The background to this application is that on 4th March 2008, the applicant filed civil suit No. 10 of 2008 against the respondent before the Chief Magistrate’s Court of Nebbi at Nebbi by which he sought general and special damages for trespass to land situated at Okubu village, Kaluwang Parish in Nebbi District, which he claimed to own as a customary tenant through inheritance from his late father. In their defence, the respondents denied the claim and refuted the applicant’s ownership of the land in dispute. A scheduling conference was conducted on 9th July 2009. Hearing of the suit commenced before a Grade One Magistrate with the testimony of the applicant on 17th November 2009. However, the suit was eventually dismissed by the Chief Magistrate on 18th August 2010 with costs for want of prosecution. A subsequent application to reinstate the suit was also dismissed with costs by the Chief Magistrate. Being dissatisfied with the decisions, the applicant filed High Court Miscellaneous application No. 54 of 2010 seeking revision of those orders by the High Court. In its ruling of 10th December 2010, the High Court ordered reinstatement of Nebbi Chief Magistrate’s Court Civil Suit No. 10 of 2008, to be heard by a grade one Magistrate at Nebbi or Arua in the event that there was none in Nebbi.
On 20th December 2010, counsel for the applicant, Mr. Kabuga Chris filed a bill of costs in respect of High Court Miscellaneous application No. 54 of 2010. Later by consent judgment signed on 8th April 2011 in respect of the taxation of costs proceedings springing from that application, the applicant agreed to withdraw Nebbi Chief Magistrate’s Court Civil Suit No. 10 of 2008 in consideration of a sum of shs. 20,000,000/= the costs thereat of shs. 5,000,000/= and the costs of shs. 40,000,000/= for the revision proceedings in the High court. These sums were to be paid by the respondent. The land in dispute was to be surveyed and valued and the respondent was to pay the market price of the established acreage. Clauses 1 and 3 thereof categorically stated that the matters then pending before the High Court and the Chief Magistrates court at Nebbi “are accordingly hereby withdrawn and abandoned, respectively.” The paragraphs pertinent to the outstanding issues raised in this application provided as follows;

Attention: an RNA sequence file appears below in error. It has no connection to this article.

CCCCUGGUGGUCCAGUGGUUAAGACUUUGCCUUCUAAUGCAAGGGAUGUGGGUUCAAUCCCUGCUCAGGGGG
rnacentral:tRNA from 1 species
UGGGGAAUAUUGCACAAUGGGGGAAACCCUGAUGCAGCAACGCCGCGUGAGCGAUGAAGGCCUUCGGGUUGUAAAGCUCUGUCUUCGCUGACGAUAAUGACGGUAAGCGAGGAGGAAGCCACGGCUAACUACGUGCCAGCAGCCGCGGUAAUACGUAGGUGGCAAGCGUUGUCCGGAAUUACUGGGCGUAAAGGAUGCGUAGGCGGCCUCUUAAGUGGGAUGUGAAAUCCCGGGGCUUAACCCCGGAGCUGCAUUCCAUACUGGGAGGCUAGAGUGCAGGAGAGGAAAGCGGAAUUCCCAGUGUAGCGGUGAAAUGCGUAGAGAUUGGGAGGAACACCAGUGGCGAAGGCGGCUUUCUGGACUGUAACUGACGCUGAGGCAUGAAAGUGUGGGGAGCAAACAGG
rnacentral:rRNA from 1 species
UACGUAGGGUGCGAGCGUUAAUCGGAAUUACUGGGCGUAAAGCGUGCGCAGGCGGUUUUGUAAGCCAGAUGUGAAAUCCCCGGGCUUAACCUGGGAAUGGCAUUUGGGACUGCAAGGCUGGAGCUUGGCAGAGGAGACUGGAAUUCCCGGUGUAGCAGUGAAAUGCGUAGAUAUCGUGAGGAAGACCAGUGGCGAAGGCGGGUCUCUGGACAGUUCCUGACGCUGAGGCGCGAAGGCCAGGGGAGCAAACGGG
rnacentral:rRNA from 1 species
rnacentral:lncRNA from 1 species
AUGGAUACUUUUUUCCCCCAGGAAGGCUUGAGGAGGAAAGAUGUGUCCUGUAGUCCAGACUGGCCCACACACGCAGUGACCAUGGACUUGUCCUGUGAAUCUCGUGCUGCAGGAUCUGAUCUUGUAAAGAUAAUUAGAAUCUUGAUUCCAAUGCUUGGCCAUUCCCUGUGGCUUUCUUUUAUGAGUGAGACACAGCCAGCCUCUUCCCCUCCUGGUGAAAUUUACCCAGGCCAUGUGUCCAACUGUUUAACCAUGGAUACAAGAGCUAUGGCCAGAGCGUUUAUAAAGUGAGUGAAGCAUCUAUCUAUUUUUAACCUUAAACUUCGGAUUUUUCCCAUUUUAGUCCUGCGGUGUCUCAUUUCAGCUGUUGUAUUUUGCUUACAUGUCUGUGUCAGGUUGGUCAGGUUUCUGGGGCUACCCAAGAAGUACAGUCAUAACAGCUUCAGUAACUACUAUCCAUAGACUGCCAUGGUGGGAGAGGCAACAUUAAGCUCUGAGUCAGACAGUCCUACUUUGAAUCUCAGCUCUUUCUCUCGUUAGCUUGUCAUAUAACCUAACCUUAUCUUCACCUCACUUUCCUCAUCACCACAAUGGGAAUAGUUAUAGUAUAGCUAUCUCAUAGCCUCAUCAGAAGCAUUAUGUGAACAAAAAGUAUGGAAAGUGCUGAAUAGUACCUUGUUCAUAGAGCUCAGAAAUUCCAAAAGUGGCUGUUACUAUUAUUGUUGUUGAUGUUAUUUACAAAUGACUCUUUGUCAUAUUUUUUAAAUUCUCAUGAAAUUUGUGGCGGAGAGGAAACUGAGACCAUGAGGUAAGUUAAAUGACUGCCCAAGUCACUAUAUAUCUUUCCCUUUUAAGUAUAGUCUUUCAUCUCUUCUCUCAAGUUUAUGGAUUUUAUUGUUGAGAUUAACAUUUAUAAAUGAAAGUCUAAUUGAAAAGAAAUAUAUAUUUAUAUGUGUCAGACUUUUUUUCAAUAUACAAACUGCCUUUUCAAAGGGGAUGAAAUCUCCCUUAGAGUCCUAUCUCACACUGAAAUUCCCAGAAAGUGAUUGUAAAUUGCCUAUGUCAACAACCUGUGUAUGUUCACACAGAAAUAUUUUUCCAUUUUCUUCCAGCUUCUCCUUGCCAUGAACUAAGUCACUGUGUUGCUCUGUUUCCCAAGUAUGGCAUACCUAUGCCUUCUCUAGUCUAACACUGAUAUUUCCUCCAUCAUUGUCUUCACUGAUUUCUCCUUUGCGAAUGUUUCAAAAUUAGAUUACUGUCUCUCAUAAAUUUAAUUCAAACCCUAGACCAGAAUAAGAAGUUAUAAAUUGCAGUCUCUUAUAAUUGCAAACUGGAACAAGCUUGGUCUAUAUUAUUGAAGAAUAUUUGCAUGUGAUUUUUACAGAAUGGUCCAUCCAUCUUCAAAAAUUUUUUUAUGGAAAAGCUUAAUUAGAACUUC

- Both parties and their respective counsel agree that a valuer and a surveyor should be engaged as soon as practicable to establish the market value and size of the land in dispute (approximately 10 acres or beyond) and after establishing those facts, the respondent / defendant agrees to pay the value in accordance with the valuer’s report.
- Both parties agree that the costs of survey and valuation be equally shared by the parties.
- Both parties agree that ....a payment schedule shall be drawn in respect of items 3 and 4 herein as shall be agreed upon by the parties after the amount payable in tem No. 4 has been ascertained.
In partial satisfaction of that judgment, the applicant received a sum of shs. 25,000,000/= on the day of signing of the consent judgment, i.e. 8th April 2011. Months later, the applicant’s counsel, Mr. Chris Bakiza, sought to recover the outstanding balance of shs. 40,000,000/= (specified in clause 3 of the consent judgment) by causing execution of the resultant decree. In proceedings initiated in that endeavour, specifically those of 5th August 2011, he stated as follows;